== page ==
2. Sinisalo

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  3. eaglegoaltender

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    Thanks "flyNfrank" - great info as to the batteries that I have copied and pasted into my binder on the Phantom as to useful information. I agree with you as to covering the vents on the Phantom arms when flying in sub-zero temps (or near that temp). The cold air itself combined with the force of the props will induce very cold internal temps on the Phantom boards etc. - can cause cracks! I have been doing abut a 75% cover on vents when flying in very cold weather (albeit I have only had a few flights - newbie). Just seemed like a common sense thing to do!

    Worth mentioning also when you bring the unit inside to warmer temps condensation on the boards may happen (cold to warm effect) that could cause further issues if you went into a warm area for a break or whatever and then flew again shortly after that.

    Thanks again and happy safe flying.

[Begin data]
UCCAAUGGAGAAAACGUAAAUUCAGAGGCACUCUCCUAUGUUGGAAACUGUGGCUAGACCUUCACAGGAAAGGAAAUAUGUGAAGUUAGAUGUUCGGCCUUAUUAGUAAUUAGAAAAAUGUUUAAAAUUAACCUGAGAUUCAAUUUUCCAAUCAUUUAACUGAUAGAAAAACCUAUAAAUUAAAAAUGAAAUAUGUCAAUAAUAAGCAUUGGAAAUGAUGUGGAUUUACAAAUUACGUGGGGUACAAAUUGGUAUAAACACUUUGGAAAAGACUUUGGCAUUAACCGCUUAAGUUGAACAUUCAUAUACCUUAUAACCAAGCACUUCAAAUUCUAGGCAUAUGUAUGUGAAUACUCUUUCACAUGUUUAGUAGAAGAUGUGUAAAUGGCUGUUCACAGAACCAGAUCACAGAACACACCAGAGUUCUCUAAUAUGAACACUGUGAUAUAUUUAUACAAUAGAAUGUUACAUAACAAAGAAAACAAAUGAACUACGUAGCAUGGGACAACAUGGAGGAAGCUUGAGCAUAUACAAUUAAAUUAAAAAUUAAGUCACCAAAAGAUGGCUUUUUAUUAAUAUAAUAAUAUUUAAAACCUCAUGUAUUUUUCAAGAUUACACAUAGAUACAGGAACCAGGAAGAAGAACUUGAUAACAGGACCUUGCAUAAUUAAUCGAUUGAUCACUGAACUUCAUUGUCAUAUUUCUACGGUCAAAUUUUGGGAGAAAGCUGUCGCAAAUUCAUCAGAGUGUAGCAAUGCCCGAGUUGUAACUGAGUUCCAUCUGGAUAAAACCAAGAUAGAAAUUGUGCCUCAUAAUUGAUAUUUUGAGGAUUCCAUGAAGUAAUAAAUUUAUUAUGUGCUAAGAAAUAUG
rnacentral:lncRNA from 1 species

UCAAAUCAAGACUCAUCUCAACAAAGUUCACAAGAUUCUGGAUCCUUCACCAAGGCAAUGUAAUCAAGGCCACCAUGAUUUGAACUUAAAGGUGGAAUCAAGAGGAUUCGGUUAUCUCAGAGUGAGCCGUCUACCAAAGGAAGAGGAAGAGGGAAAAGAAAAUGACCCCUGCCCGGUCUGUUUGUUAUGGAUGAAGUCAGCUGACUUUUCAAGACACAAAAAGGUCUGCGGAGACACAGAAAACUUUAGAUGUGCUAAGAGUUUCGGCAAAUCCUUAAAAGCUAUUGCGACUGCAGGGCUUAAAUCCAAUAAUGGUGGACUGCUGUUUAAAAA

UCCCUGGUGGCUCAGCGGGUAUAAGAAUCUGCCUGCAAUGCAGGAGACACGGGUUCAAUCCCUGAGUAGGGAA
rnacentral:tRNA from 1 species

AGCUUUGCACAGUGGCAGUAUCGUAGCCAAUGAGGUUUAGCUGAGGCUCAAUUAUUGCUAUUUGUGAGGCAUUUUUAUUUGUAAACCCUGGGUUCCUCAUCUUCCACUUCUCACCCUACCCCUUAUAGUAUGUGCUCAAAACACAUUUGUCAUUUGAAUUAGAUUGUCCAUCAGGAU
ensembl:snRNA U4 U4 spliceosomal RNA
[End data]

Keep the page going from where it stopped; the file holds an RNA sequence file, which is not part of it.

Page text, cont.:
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  4. sorin

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    I use My phantom 3 pro in alberta Canada -41 out FOR 14 min is the best Even i SEE
     
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  5. alokbhargava

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    Another weak point in battery use is the connection points. If you fly in polluted environments, you need to watch battery contacts on the battery as well on the P3 regularly and clean them if necessary.
     
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  6. Sinisalo

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    Would a Q-Tip and 95% isopropyl alcohol work just fine to clean the contacts?
     
  7. flyNfrank

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    You know....your post makes me think; what if the battery post had a thin layer of conductive grease applied? Would that not be something to do?

    I'm thinking if the conductive grease didn't hinder performance, may be it would be something to think about? I don't have much experience with that type of grease.
     
  8. eaglegoaltender